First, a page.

Apache Iceberg was developed at Netflix to address issues with huge petabyte-scale tables given to the open source community in 2018 as the Apache Incubator project.

Benefits for Cloudera CDP users

General Availability covers running Iceberg in Cloudera Data Platform (CDP) essential data services, including Cloudera Data Warehousing (CDW), Cloudera Data Engineering (CDE), and Cloudera Machine Learning (CML).

Cloudera has integrated Iceberg into the Shared Data Experience (SDX) layer of CDP, so the productivity and performance benefits of the open table format are immediate. Additionally, the native Iceberg integration takes advantage of SDX’s enterprise-grade features, such as data lineage, auditing, and security.

Iceberg tables in CDP integrate into the SDX Metastore for table structure and access validation, enabling the creation of fine-grained and auditing policies. Iceberg allows CDP to expose the same dataset to multiple analytics engines, including Spark, Hive, Impala, and Presto.

The CDP Iceberg integration has four other benefits that users will appreciate:

Changing tables on site saves time.

Users can scale a table schema or change the layout of partitions with a single command, just like you would with SQL. Iceberg does not require laborious and expensive processes, such as rewriting table data or migrating to a new table.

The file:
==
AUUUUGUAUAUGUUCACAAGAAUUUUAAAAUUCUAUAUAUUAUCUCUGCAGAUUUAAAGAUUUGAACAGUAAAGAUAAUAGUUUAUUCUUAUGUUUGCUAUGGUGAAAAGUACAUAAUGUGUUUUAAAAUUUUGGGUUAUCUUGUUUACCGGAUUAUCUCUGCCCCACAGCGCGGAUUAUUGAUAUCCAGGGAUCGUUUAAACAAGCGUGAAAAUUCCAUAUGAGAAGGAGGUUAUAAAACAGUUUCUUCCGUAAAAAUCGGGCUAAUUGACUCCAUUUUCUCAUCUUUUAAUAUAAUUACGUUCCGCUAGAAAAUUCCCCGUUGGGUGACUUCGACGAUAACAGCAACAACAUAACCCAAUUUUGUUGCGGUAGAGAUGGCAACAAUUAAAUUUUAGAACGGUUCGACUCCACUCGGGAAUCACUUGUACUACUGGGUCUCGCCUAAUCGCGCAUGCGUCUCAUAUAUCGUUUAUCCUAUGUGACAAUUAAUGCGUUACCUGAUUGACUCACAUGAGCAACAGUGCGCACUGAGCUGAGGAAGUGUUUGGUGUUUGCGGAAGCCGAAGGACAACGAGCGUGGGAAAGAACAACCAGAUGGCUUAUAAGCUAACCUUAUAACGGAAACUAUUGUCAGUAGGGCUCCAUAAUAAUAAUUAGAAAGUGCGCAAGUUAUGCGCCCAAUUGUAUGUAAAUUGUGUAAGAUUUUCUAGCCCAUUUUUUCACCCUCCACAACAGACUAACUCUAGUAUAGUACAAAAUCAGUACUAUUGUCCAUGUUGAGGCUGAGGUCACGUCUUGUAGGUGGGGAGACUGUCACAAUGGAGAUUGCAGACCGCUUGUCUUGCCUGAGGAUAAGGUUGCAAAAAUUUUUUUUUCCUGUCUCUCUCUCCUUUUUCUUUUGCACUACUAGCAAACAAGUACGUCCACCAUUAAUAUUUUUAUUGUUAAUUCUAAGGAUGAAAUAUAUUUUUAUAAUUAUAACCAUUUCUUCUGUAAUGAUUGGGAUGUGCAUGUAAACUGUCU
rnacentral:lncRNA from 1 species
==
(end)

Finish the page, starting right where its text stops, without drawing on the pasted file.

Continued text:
Time travel for forensic visibility and regulatory compliance

Iceberg saves previous table snapshots, allowing the generation of time travel queries or table undoes.

Multifunctional analysis from edge to AI

Iceberg enables seamless integration between different streaming and processing engines while maintaining data integrity between them. Multiple engines can modify the table simultaneously, even with partial writes, without correctness issues and without the need for expensive read locks.

Improved performance with very large scale datasets

Partitioning speeds up queries by grouping similar rows together when writing or dividing a table into parts based on certain attributes.

Iceberg simplifies partitioning by implementing hidden partitioning and handling all partitioning and querying details without the knowledge of the user.


I like what Cloudera has done here. Analysts and data scientists can easily collaborate on the same data using analytical tools and engines. This feature requires no effort to get the benefits of Iceberg as part of CDP. No more locking, unnecessary data transformations, or moving data between tools and clouds to extract insights from data.

This is very much in line with Cloudera’s strategy to take open-source technologies and add enterprise-grade quality and stability. Larger enterprises with large amounts of data look to Cloudera as the company to manage that data end-to-end on-premises or in the public cloud or even to collect data that comes from a SaaS application. Cloudera does a great job bringing it all together as a one-stop-shop for data management.

Note: Moor Insights & Strategy writers and editors may have contributed to this article.